The key to clean code

August 08 · 2 mins read

In the introduction videos of the Nand2Tetris Part 1 course, Noam Nisan and Shimon Schocken said that the main secret of computer science is this:

Don’t worry about the “how”, only about the “what”.

In other words, don’t worry about the “implementation”, only about the “abstraction”.

The Main Secret of Computer Science

(Please don’t misinterpret their usage of the phrase “don’t worry”. To better understand what they mean, You have to watch the entire introduction video, or visit their site.)


Steve Freeman and Nat Pryce, the authors of the GOOS book, said something similar in page 252 of the book:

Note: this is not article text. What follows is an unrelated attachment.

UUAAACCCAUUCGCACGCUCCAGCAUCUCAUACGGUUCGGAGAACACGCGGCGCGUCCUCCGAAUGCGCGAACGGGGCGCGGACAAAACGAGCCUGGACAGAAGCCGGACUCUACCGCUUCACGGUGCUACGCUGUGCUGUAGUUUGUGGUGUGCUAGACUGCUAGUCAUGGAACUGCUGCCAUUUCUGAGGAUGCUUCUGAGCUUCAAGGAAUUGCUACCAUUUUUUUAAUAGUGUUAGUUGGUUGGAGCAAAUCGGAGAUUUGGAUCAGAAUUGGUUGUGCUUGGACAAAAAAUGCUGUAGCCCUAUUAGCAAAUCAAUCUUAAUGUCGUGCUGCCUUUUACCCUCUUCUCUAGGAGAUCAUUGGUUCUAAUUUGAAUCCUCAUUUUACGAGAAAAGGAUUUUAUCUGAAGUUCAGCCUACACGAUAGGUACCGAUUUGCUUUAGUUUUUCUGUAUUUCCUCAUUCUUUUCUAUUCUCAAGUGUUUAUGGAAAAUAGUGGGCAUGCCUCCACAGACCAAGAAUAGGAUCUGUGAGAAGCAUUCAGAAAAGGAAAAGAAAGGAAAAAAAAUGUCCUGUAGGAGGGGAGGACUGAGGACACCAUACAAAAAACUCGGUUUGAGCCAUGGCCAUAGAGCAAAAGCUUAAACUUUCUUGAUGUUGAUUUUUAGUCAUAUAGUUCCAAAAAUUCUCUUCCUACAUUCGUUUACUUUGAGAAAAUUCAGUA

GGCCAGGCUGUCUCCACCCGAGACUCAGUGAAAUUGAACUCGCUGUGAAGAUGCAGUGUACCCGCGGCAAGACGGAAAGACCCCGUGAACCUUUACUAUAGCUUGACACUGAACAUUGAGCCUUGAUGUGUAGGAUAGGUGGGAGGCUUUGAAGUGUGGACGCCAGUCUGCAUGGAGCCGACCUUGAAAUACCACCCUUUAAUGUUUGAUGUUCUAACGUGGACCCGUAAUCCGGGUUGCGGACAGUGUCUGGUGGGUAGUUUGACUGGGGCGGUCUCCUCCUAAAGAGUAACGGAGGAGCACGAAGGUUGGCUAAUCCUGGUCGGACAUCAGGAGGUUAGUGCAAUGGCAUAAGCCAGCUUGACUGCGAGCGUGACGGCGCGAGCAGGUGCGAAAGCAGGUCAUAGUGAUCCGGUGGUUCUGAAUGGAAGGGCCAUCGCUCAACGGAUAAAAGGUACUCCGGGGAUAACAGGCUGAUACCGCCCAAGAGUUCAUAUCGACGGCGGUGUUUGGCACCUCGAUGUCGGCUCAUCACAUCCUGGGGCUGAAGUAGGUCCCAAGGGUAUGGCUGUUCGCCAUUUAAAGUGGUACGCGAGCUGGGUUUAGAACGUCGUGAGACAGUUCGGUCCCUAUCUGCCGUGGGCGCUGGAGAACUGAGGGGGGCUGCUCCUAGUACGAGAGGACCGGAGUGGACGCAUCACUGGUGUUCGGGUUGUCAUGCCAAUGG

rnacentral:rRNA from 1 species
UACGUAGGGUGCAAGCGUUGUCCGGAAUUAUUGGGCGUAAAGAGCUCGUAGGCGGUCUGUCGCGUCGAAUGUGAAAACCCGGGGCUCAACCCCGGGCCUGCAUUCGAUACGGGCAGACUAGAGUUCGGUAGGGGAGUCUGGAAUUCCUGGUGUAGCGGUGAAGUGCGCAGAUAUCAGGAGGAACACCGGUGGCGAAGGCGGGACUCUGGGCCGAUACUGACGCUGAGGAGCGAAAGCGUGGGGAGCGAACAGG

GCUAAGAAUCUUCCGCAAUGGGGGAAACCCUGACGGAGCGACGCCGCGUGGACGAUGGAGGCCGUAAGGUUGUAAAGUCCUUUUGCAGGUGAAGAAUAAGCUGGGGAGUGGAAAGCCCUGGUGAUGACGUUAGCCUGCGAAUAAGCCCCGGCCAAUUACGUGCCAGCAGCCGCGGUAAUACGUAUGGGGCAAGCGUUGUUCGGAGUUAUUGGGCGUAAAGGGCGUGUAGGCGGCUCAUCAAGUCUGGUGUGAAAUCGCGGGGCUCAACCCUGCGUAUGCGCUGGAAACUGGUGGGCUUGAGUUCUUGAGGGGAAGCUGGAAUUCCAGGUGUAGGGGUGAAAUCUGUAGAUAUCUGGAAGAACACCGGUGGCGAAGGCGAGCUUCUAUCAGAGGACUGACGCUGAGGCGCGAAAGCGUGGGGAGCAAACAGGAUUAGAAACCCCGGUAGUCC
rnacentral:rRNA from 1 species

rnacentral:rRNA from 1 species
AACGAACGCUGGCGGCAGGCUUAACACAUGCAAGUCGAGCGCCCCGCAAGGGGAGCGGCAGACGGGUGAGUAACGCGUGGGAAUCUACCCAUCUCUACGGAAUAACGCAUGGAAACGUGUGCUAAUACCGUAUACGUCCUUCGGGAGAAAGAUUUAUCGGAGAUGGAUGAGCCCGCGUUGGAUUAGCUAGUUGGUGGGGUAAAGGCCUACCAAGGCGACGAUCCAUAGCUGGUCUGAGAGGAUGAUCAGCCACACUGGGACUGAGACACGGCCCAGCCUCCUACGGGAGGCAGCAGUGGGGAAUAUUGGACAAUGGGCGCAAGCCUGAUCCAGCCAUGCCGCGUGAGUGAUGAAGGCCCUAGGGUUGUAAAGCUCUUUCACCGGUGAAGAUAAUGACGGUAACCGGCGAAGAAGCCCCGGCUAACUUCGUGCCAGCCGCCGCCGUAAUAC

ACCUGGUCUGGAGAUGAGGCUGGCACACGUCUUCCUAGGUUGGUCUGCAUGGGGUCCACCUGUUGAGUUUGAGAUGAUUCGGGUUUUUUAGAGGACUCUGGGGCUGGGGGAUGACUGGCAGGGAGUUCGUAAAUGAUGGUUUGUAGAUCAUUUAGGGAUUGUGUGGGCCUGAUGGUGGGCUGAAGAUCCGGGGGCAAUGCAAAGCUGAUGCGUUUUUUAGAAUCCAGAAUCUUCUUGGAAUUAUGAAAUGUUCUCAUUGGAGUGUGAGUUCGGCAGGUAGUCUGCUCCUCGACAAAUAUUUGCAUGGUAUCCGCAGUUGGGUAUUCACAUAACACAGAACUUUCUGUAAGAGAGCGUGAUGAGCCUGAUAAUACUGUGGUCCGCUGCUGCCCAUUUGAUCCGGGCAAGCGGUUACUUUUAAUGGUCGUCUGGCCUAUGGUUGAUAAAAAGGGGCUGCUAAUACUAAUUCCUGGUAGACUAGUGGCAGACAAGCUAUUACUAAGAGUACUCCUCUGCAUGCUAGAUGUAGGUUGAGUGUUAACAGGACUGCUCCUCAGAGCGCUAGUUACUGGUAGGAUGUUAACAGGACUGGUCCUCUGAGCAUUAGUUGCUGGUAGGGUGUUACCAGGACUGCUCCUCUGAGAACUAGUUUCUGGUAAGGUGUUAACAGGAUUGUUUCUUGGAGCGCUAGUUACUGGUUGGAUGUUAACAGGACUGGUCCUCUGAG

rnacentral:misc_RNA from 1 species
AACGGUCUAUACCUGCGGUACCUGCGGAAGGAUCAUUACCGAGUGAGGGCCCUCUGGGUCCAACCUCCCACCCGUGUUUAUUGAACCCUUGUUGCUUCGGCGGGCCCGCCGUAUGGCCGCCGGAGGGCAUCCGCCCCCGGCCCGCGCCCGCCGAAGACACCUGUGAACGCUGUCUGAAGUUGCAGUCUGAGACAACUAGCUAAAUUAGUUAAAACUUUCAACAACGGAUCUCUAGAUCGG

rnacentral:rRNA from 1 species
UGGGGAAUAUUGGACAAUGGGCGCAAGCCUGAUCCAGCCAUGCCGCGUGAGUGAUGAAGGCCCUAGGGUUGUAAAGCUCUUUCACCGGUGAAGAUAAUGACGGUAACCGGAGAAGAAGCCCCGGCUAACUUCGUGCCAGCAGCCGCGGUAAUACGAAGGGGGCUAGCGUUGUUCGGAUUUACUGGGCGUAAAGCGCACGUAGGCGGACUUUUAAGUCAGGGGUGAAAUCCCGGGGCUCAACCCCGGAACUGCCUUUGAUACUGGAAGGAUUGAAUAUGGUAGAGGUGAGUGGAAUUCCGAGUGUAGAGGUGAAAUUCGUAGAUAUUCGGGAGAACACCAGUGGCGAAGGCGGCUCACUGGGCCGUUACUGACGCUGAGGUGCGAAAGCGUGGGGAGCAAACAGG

All code should emphasize “what” it does over “how”, including test code.


Jonathan Boccara also said that it is “the principle to rule them all”:.

…respecting levels of abstraction… , [focusing on] what a particular piece of code intends to do as opposed to how it is implemented… is the one principle to rule them all because it automatically applies all the best practices… When you follow it, you’ll find yourself naturally writing code with a high-quality design.

But of course, knowledge is only potential power, so… sad life… but at least now we can have a direction…

An example:

When computing the sum of a list of numbers, it is easier to read this

sum = listOfNumbers.computeSum();
// use sum here

or this

sum = computeSumOf(listOfNumbers);
// use sum here

than this

sum = 0 
index = 0
while index < listOfNumbers.length {
    n = listOfNumbers[index]
    sum += n
    index++
}
// use sum here

The first two code snippets focuses on what the code does instead of how it does it. They are shorter compared to the third one. They have intention-revealing names, which make them easier to read.